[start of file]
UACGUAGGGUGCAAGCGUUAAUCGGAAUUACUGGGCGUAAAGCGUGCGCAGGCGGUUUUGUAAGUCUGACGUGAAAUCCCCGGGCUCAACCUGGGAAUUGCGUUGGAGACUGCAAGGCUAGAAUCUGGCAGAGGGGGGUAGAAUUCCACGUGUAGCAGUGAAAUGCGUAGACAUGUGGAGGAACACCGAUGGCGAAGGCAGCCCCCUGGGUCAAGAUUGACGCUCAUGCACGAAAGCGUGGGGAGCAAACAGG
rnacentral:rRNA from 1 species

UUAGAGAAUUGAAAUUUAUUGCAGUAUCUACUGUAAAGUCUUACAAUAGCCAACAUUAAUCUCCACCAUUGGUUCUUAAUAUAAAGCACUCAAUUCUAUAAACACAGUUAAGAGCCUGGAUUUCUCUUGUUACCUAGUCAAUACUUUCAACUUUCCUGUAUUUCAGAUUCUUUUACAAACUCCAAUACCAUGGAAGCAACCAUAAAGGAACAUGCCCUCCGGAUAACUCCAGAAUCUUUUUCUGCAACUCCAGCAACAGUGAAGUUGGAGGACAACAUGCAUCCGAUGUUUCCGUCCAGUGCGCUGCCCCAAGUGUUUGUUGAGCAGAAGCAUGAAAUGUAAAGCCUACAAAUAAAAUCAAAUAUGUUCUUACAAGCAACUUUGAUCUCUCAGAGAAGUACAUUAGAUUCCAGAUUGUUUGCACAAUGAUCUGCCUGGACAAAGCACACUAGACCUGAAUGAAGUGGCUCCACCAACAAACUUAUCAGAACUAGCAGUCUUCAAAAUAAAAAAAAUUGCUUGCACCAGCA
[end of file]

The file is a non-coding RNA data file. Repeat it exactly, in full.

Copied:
UACGUAGGGUGCAAGCGUUAAUCGGAAUUACUGGGCGUAAAGCGUGCGCAGGCGGUUUUGUAAGUCUGACGUGAAAUCCCCGGGCUCAACCUGGGAAUUGCGUUGGAGACUGCAAGGCUAGAAUCUGGCAGAGGGGGGUAGAAUUCCACGUGUAGCAGUGAAAUGCGUAGACAUGUGGAGGAACACCGAUGGCGAAGGCAGCCCCCUGGGUCAAGAUUGACGCUCAUGCACGAAAGCGUGGGGAGCAAACAGG
rnacentral:rRNA from 1 species

UUAGAGAAUUGAAAUUUAUUGCAGUAUCUACUGUAAAGUCUUACAAUAGCCAACAUUAAUCUCCACCAUUGGUUCUUAAUAUAAAGCACUCAAUUCUAUAAACACAGUUAAGAGCCUGGAUUUCUCUUGUUACCUAGUCAAUACUUUCAACUUUCCUGUAUUUCAGAUUCUUUUACAAACUCCAAUACCAUGGAAGCAACCAUAAAGGAACAUGCCCUCCGGAUAACUCCAGAAUCUUUUUCUGCAACUCCAGCAACAGUGAAGUUGGAGGACAACAUGCAUCCGAUGUUUCCGUCCAGUGCGCUGCCCCAAGUGUUUGUUGAGCAGAAGCAUGAAAUGUAAAGCCUACAAAUAAAAUCAAAUAUGUUCUUACAAGCAACUUUGAUCUCUCAGAGAAGUACAUUAGAUUCCAGAUUGUUUGCACAAUGAUCUGCCUGGACAAAGCACACUAGACCUGAAUGAAGUGGCUCCACCAACAAACUUAUCAGAACUAGCAGUCUUCAAAAUAAAAAAAAUUGCUUGCACCAGCA